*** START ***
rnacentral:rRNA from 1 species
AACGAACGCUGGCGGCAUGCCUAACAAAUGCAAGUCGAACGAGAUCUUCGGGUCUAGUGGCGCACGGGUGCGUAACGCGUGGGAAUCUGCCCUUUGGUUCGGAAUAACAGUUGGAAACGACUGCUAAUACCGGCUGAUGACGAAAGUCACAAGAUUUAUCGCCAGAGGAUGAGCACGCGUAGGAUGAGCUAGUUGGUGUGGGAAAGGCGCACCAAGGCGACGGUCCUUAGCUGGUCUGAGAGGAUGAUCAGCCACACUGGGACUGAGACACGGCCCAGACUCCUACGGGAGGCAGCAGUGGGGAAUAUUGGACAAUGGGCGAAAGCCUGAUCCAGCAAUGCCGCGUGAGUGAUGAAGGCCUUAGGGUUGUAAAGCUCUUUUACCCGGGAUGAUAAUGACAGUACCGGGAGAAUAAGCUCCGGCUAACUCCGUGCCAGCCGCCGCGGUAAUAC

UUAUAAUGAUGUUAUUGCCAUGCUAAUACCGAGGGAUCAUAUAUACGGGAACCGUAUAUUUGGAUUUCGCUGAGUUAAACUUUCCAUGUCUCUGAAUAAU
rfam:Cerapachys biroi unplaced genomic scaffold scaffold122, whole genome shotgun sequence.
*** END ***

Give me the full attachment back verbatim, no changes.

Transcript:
rnacentral:rRNA from 1 species
AACGAACGCUGGCGGCAUGCCUAACAAAUGCAAGUCGAACGAGAUCUUCGGGUCUAGUGGCGCACGGGUGCGUAACGCGUGGGAAUCUGCCCUUUGGUUCGGAAUAACAGUUGGAAACGACUGCUAAUACCGGCUGAUGACGAAAGUCACAAGAUUUAUCGCCAGAGGAUGAGCACGCGUAGGAUGAGCUAGUUGGUGUGGGAAAGGCGCACCAAGGCGACGGUCCUUAGCUGGUCUGAGAGGAUGAUCAGCCACACUGGGACUGAGACACGGCCCAGACUCCUACGGGAGGCAGCAGUGGGGAAUAUUGGACAAUGGGCGAAAGCCUGAUCCAGCAAUGCCGCGUGAGUGAUGAAGGCCUUAGGGUUGUAAAGCUCUUUUACCCGGGAUGAUAAUGACAGUACCGGGAGAAUAAGCUCCGGCUAACUCCGUGCCAGCCGCCGCGGUAAUAC

UUAUAAUGAUGUUAUUGCCAUGCUAAUACCGAGGGAUCAUAUAUACGGGAACCGUAUAUUUGGAUUUCGCUGAGUUAAACUUUCCAUGUCUCUGAAUAAU
rfam:Cerapachys biroi unplaced genomic scaffold scaffold122, whole genome shotgun sequence.